Decision on Broad Ripple garage delayed again

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A decision on a new Broad Ripple parking garage has been delayed yet again, this time after remonstrators argued that they didn’t have enough time to digest proposed changes to design plans.

The two-week continuance granted on Tuesday by the Metropolitan Board of Zoning Appeals follows a previous seven-day delay given to the project’s developer. 

On April 10, an attorney for Keystone Construction Corp. asked the five-member panel to delay a hearing on the garage until Tuesday to allow the developer to meet with officials from the City of Indianapolis’ Department of Public Works about construction of a levee system along White River.

Keystone had argued that the levee system would provide enough protection from floods, even though the parking garage would be built on property that lies four feet below the flood plain.

But the staff of the city’s Department of Metropolitan Development recommended in a letter two weeks ago that the parking garage proposal be reworked in order to raise its first floor above the flood plain.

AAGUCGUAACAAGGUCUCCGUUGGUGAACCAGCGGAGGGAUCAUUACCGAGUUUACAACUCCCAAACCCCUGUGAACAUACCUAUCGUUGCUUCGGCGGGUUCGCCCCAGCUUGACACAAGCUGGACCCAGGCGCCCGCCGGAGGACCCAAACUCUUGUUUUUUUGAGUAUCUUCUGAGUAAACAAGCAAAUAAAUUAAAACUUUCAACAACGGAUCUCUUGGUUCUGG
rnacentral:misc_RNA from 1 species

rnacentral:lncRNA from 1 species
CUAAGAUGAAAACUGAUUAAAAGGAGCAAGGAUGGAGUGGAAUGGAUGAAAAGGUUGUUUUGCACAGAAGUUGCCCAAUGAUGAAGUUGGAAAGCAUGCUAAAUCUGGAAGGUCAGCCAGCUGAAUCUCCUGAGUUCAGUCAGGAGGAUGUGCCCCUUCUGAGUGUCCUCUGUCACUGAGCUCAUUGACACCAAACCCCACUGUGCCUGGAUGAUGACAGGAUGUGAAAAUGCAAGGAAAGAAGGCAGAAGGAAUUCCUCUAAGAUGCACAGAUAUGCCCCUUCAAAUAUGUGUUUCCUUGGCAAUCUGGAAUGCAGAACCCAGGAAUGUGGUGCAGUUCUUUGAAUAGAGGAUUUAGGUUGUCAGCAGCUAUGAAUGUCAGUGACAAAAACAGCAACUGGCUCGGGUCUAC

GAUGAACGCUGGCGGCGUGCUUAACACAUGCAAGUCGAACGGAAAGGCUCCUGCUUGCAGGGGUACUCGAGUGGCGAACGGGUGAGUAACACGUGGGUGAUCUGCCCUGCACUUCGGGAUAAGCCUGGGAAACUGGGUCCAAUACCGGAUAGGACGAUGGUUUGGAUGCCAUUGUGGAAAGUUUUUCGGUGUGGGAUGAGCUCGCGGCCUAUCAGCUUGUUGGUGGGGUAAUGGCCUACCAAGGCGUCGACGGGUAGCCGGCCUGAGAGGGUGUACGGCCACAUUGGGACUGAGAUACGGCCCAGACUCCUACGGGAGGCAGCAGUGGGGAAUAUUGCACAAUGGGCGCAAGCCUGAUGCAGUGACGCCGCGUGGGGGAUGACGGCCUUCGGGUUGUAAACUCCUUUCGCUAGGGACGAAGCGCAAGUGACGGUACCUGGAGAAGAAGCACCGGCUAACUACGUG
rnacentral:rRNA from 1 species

On Tuesday, the developer was set to propose raising the elevation of the garage to two feet below the flood plain, which would meet federal guidelines but not city requirements. Therefore, a zoning variance is needed before construction can begin.

Remonstrators, however, argued on Tuesday that they only received notice of the proposed elevation change about an hour before the 1 p.m. meeting, which didn’t give them sufficient time to “fully absorb” the amendment, said Pat Andrews, a neighborhood activist.

“We need some time to look over the ramifications,” Andrews told the board. “It isn’t simple.”

The zoning appeals board granted a continuance until May 1.

Joe Calderon, the attorney representing Keystone at the hearing, said Keystone would respect the board’s decision, noting a two-week delay shouldn’t affect the timing of construction.

Keystone officials have argued that raising elevation entirely above the four-foot flood plain would make the additional cost of the now-$15 million project too expensive.

The 350-space parking garage at 6280 N. College Ave. would be partially financed with $6.3 million from parking meter revenue, which would normally flow into city coffers.